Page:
Superstorm Sandy inundated the hallowed caverns of lower Manhattan and caused enough personal and financial disruption elsewhere in the city and region to spawn a boom in flood-resiliency efforts. As a consequence, the engineering community has been tasked with delivering cost-effective resiliency solutions for assets that range from single-family homes to entire cities. The foundation of flood damage prevention efforts lies at the local level, and a number of relatively low-cost solutions exist to reduce flood damages and associated claims. Here are eight practical ways to reduce the impact of the next major flood event.
1. Seal the envelope
The vast majority of assets within the floodplain are existing structures. Raising entire structures, while feasible and cost-effective for smaller facilities, is not usually an option. The dry flood-proofing industry, which has grown considerably in the past few years, provides cost-effective solutions for sealing a structure's envelope against floodwaters. Products now exist to make all building openings watertight, including flood-resistant windows, doors and louvers. Likewise, timber and masonry exteriors can be sealed to prevent the entry of floodwaters. Of course, even a well-sealed structure is at risk: As water rises and pools outside of a building, it introduces the possibility of overloading the walls. A structural engineering industry has grown to meet this potential problem, almost always presenting cost-effective solutions.
2. Prevent “back door” entry
The world was introduced to the dirty little secret of flood inundation in an episode of Netflix's hit series, Orange is the New Black, which is set in a women's prison. It chronicled the arrival of a major hurricane and its impact on the fictional inmates’ flooded dorms. While the storm raged outside, the incarcerated ladies were enjoying the warm and dry conditions of their facility (if you can actually “enjoy” being in prison — but I digress), when the toilets and sinks erupted with floodwaters. This event illustrated the phenomenon of flood inundation through utility conduits. All unpressurized utilities are vulnerable, including sewer, telephone and electric conduits. Thankfully, the fix is simple and inexpensive, whether or not you’re behind bars. Install a backflow preventer — a small, off-the-shelf device — and the problem is solved.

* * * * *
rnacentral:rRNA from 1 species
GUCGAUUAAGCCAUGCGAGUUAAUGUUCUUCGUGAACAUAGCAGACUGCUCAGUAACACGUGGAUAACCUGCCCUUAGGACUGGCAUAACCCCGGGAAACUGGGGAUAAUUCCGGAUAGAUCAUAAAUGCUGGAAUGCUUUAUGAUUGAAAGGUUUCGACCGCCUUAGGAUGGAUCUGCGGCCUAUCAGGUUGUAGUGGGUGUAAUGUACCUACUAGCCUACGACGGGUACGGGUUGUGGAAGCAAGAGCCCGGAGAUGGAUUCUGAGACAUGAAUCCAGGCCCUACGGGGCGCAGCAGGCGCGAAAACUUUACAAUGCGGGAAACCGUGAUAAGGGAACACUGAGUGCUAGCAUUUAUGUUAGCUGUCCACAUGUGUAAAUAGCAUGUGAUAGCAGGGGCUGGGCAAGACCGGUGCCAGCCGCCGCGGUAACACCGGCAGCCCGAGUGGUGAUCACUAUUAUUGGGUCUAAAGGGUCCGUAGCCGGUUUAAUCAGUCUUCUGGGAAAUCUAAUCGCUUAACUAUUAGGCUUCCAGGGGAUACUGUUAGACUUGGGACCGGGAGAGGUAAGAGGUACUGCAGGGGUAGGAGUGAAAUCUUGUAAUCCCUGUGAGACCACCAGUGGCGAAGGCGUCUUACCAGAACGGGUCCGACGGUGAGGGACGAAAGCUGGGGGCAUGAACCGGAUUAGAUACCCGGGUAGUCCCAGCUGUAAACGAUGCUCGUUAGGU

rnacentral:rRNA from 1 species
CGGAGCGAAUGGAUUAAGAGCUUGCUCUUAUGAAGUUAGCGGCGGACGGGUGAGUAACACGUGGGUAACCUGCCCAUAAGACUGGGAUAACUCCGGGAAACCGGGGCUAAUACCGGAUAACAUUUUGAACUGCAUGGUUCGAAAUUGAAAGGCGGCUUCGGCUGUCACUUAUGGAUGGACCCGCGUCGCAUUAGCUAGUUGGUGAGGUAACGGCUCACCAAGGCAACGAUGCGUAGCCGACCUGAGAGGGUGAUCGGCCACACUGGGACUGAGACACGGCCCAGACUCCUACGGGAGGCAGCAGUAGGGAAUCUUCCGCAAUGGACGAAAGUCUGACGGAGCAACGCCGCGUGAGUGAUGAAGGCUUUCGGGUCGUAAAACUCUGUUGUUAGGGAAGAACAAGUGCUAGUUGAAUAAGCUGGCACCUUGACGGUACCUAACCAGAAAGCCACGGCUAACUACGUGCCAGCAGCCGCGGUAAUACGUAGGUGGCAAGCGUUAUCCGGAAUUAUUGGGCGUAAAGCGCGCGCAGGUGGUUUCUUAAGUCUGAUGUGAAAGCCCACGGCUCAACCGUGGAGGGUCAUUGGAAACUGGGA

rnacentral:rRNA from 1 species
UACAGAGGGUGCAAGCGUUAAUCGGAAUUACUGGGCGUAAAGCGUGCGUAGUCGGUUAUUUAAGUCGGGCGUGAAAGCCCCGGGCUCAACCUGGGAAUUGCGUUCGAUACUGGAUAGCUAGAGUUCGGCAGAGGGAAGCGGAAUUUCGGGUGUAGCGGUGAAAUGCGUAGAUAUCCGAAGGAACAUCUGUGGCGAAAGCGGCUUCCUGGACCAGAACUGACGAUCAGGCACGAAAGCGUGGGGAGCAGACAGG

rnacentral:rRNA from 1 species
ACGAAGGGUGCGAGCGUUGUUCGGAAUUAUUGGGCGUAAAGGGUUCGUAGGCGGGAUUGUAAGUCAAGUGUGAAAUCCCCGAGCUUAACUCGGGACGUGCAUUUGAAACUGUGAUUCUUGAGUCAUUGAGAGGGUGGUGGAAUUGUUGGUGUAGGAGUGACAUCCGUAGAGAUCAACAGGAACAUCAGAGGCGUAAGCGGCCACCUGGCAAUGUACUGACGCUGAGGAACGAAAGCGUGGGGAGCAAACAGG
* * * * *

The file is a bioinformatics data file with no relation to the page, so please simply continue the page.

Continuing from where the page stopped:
3. Secure the power
Loss of power has far-reaching damage-claim implications, in both the physical world and in the arena of economic opportunity losses. At the local level, the risk of power loss can be mitigated by elevating the building-specific power infrastructure above the design flood elevation, and securing a means of backup power. Elevation of infrastructure is a particularly important improvement in older buildings, where traditional architectural planning sited the power infrastructure in the basement. In instances where the infrastructure cannot be repositioned to higher floors, the resiliency marketplace has stepped in to offer flood-proof safe-room technology. These technologies provide perimeter vaults that keep critical infrastructure dry, even during extreme flooding events.
4. Back it up
Taking a page from the disaster-planning handbook, cloud computing provides system redundancy that allows work to continue, even if a local system is off-line. When it comes to flood resiliency, a facility's backup power system — a key element of claim management — is analogous to the cloud. Backup generator use has grown exponentially, providing a cost-effective means to hedge against damages caused by power loss.
5. Feel the berm